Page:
Experts from the National University of Science and Technology MISIS (NUST MISIS) working under the supervision of Pavel Sorokin, DSc (Physics and Mathematics), implemented the theoretical aspects of this research project. Their US colleagues working at Tulane University, New Orleans, Louisiana, under the supervision of Professor Jiang Wei, completed the experimental part.
Pavel Sorokin, Head of the Theoretical Materials Science of Nano-Structures Infrastructure at the Inorganic Nano-Materials Laboratory at NUST MISIS, DSc (Physics and Mathematics), is interviewed by a RIA Novosti correspondent and discusses the future influence of this "smart material" on human life.
Mr. Sorokin, the theoretical aspect of this research project, completed under your supervision, is linked with another technological leap. What is its essence? How will semiconductors of the future differ from their current versions?
Pavel Sorokin: Indeed, our two research teams working on opposite sides of the Atlantic Ocean have managed to take a joint step toward more compact and more rapid electronics. Theoretically speaking, it will become possible to reduce electronic circuits down to nano-sizes using this new material; at the same time, devices utilizing these circuits will operate more quickly.
These systems will consume less power, and their structure and design will also change. But, first of all, the range of their functions will expand.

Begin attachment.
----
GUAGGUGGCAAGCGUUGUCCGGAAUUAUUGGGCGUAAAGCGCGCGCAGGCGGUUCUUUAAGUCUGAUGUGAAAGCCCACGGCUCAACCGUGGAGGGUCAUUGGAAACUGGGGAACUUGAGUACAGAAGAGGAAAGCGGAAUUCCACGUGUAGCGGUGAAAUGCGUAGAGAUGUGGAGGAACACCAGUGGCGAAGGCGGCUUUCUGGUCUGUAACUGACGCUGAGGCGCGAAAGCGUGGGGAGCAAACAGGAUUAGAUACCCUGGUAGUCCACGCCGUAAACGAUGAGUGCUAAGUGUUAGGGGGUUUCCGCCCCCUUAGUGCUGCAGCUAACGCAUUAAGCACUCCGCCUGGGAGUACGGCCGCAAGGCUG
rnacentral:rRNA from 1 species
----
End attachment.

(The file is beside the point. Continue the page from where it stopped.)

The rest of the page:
You see, any device's speed and other parameters are directly proportional to the quality of current-conducting materials in the device. We have managed to disengage compact nano-wires from the new connection, and this gives us reason to hope that it will be possible to use them in new electronic nano-devices, whose very creation will be linked with the future of this entire technology.
What sectors of the electronics industry will change drastically with the advent of the new nano-sized "construction material?"
Pavel Sorokin: This material will be mostly used in opto-electronics and microelectronics. Smaller materials often make it possible to achieve extraordinary electronic, optical, mechanical, chemical and biological properties using quantum confinement and surface effects.
Our work has impressive practical significance because this one-dimensional nano-structure that we have obtained can boast of a very small diameter. At the same time, objects with this diameter are obtained using a method that we can carefully control. Our approach differs completely from previous methods, which were focused on cutting graphene and di-chalcogens into separate ribbons. And this is the considerable advantage of the materials that we've discovered.
The crystal consists of interlinked nano-structures and nano-ribbons; at the same time, all nano-ribbons have a uniform width. Therefore we will always obtain ribbons with one and the same width, while streamlining the crystal-stripping process. It is becoming possible to continually produce these results.
I cannot help asking: What compels a scientist to make a discovery? Does a discovery suddenly come to him, or does this happen as a result of his thinking long and hard about something followed by research by trial and error?
Pavel Sorokin: It all began in 2010 during my post-doctoral studies at Rice University in Texas. I worked with a team headed by the outstanding expert Professor Boris Jacobson who relocated to the United States from Russia long ago. He always taught us to look at things from different angles, to seek out new aspects in areas that are supposedly already well-studied.